res = next(chunks)  # will raise if there are no chunks!
for c in chunks:
    res = res.add(c, fill_value=0)

If performance is poor / if there are a large number of new groups then it may be preferable to start the res as zero of the correct size (by getting the unique group keys e.g. by looping through the chunks), and then add in place.

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  • 1
    @TraxusIV Hmmm, if you had a small number of groups, you could do it iteratively (by selecting each group and summing) - this'll be slow if you have lots of rows. I think this would make a great (new) question. A little google only found this (from 2006!) suggesting no, you need to go the iteration way (I suggested)... things may have improved in the last 9 years?? Commented Apr 3, 2015 at 22:48
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    @TraxusIV For a groupby sum, that map/reduces, in the sense you can groupby and sum on chunks then add up the results. So chunk through df in the store. Something like: sum(df.groupby().sum() for df in store.select('df', chunksize=50000)) ? see pandas.pydata.org/pandas-docs/stable/io.html#iterator Commented Apr 3, 2015 at 22:49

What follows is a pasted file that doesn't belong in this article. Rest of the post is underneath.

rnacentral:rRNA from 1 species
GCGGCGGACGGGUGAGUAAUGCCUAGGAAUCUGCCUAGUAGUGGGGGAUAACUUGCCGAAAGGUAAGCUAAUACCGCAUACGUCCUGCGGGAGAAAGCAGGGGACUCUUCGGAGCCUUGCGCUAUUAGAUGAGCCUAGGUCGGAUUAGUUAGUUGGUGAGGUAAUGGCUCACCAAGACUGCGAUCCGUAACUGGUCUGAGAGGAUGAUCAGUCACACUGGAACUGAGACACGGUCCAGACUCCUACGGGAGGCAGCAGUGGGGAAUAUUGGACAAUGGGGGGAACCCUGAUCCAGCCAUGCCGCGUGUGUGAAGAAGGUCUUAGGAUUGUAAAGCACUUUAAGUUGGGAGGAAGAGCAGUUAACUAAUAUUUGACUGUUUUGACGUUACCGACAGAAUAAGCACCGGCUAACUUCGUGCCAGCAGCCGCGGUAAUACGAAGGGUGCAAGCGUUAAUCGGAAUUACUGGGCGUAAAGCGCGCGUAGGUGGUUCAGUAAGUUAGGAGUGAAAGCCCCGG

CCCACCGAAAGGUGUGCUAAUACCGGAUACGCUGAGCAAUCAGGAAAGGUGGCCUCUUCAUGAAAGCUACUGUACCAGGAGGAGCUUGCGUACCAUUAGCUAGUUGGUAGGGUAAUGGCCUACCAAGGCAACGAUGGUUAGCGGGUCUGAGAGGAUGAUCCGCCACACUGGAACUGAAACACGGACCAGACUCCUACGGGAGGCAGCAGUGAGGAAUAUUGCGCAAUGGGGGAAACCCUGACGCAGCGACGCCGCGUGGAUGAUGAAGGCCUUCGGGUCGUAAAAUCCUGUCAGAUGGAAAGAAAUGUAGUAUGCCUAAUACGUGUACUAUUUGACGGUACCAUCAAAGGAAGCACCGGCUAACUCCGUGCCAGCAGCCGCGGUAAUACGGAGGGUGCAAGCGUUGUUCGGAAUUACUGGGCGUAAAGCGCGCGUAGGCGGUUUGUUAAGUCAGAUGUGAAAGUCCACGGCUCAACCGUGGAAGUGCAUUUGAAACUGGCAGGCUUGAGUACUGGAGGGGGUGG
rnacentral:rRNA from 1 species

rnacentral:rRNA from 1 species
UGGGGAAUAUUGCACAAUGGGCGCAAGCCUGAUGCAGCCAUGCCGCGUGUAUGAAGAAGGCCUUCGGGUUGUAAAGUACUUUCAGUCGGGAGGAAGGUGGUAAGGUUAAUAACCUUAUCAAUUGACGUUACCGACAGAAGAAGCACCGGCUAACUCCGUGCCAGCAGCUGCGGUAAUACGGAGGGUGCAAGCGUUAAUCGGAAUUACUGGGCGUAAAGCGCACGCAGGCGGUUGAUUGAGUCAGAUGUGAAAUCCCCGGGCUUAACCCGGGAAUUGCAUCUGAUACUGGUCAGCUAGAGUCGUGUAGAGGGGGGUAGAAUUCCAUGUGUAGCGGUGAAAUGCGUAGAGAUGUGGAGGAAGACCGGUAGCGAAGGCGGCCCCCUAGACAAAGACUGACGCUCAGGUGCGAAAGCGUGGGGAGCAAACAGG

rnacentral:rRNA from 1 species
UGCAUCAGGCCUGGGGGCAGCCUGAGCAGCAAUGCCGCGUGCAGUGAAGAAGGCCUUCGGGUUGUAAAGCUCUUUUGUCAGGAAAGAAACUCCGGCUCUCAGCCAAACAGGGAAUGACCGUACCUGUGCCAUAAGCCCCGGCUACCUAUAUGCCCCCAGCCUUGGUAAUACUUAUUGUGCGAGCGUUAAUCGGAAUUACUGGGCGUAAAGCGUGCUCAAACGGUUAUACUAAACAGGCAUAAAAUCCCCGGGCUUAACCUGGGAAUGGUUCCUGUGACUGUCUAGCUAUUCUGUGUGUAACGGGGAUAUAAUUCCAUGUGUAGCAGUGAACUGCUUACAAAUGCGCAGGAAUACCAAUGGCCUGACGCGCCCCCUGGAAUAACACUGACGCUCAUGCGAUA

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    @TraxusIV note: this'll be fast regardless of how many groups you have, the slowness was if you had to extract each group iteratively, doing chunks is what you want/fast. Commented Apr 3, 2015 at 23:04
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    @TraxusIV sum will add up the multiple entries - which is what you want. Commented Apr 6, 2015 at 16:12
  • 1
    @TraxusIV what version of pandas are you using, I thought I tested this and it worked Commented Apr 7, 2015 at 1:01